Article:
Figure 4a shows a series of five optical spectra acquired on a set of five distinct GaAs disks placed along a common optical coupling waveguide in the configuration of Fig. 1d and immersed in liquid water. The first spectrum (step 1) contains five groups of resonances, each group being associated to a distinct disk. Three groups display a clearly visible doublet structure, whereas this structure is not clearly resolved in the two others. Even though the five disks are nominally the same, they optically resonate at distinct wavelengths (λ1<…<λ5), because of imperfections in nanofabrication. The largest disk (Disk 5) resonates at the largest wavelength λ5, around 1,326.8 nm. By setting the laser to this wavelength, we trigger the resonant PEC etching in Disk 5 and blue shift its resonances, until it spectrally aligns with Disk 4 (step 2). From that stage on, the laser etches Disks 5 and 4 concomitantly and spectrally drags their aligned resonances towards those of Disk 3. At step number 3, the resonances of Disks 5, 4 and 3 merge and the laser starts etching the three disks together, towards Disk 2. The procedure of tuning and spectrum acquisition is repeated this way, progressively bringing all the disks to spectrally align. At step 5, the five disks have their resonances spectrally overlapped, and the laser can be switched off. On top of the spectral aligment, we observe that a non-selective tuning takes place along the procedure, generating an additional blue shift of the set of resonances. The origin of this non-selective tuning is discussed in detail in Supplementary Note 3 and Supplementary Fig. 5. It can be mitigated if required for a specific application. The final result of the tuning procedure is a set of five spectrally aligned cavities. It is important to note that, while five steps are discussed in Fig. 4a in order to illustrate the process, the PEC spectral alignment can also be performed by a single slow continuous laser sweep starting from the red-detuned side of the resonances. This continuous collective tuning mode is illustrated by a simulation in Supplementary Movie 2.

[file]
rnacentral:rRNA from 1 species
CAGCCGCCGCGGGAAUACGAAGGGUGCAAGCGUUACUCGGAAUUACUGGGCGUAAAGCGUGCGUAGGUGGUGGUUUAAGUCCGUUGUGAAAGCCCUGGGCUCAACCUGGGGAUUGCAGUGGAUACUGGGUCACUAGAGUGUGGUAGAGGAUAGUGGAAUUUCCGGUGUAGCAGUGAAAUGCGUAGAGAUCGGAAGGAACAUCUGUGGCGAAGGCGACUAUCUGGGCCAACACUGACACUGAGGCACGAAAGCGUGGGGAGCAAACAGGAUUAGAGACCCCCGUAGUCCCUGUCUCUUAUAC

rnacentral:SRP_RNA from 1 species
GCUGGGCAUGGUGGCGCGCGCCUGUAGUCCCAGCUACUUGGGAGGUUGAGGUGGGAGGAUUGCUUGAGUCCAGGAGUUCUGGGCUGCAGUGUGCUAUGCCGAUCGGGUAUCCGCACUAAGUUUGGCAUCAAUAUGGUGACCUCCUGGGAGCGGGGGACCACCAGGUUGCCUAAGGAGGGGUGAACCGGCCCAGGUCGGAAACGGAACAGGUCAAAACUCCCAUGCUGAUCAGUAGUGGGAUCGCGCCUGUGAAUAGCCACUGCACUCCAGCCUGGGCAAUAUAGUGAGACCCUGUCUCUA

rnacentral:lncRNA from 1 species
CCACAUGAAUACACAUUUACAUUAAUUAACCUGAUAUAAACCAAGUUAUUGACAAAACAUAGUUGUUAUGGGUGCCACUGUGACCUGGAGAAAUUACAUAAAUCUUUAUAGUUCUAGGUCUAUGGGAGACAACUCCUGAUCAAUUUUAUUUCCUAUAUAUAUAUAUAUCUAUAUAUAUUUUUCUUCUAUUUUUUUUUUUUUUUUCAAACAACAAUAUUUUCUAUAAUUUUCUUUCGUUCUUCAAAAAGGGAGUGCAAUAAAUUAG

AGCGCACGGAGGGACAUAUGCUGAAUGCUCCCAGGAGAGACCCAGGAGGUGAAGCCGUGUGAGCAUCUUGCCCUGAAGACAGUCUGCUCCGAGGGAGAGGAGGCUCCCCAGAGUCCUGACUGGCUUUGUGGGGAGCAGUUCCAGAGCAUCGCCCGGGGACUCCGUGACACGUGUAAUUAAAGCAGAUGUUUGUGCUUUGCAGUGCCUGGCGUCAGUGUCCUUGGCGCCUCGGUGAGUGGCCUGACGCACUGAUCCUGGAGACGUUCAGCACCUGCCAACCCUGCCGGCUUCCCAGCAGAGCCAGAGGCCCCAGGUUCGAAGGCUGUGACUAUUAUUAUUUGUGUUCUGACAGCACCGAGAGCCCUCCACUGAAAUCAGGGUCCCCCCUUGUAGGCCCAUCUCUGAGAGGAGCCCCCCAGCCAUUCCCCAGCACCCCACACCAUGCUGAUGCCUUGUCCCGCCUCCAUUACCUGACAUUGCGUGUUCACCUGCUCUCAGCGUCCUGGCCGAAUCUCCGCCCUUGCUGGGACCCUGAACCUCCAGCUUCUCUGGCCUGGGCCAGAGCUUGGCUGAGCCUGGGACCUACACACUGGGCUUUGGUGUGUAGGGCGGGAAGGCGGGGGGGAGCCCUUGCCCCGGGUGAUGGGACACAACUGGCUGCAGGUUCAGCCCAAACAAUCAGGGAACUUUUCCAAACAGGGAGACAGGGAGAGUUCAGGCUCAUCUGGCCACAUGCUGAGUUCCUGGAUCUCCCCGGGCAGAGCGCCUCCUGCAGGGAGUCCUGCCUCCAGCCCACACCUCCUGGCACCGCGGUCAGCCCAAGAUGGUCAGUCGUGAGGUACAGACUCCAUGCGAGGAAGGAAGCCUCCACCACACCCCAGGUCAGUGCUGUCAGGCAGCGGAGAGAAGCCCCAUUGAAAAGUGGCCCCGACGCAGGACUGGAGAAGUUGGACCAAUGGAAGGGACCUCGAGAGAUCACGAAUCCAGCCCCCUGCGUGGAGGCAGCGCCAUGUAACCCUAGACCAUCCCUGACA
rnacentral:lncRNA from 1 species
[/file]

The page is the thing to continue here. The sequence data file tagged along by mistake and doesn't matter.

Figure 4: Collective resonant PEC tuning of photonic resonators.
figure4

(a) Five optical spectra corresponding to step-by-step spectral alignment of five WGM resonators in liquid water. In the first spectrum, the five resonators (1–5) appear in order of their resonant wavelength (λ1<…<λ5). In addition to the spectral merging of the five resonators, a residual non-selective etching is also present and discussed in full in Supplementary Note 3 and in Supplementary Fig. 5. (b) Spectral tuning of two WGM resonators, performed directly in humid air without liquid. In these three latter spectra relative wavelengths are displayed, with the origin being set by the smallest wavelength of the group of resonances. Initially (step 1), the two WGM doublets are disjoint before they begin to merge (step 2), resulting in three transmission dips whose overlap is coloured green. Finally (step 3), both WGM doublets overlap completely. As the resonant cavity-enhanced PEC tuning in humid air is a slow process, we removed here the contribution of slow temperature variations in the laboratory, which typically red-shift all wavelengths by 200 pm for 1 °C of temperature variation (see Supplementary Fig. 6 for extra raw data). The blue arrows indicate the spectral tuning direction. The red dashed line is a model (see text).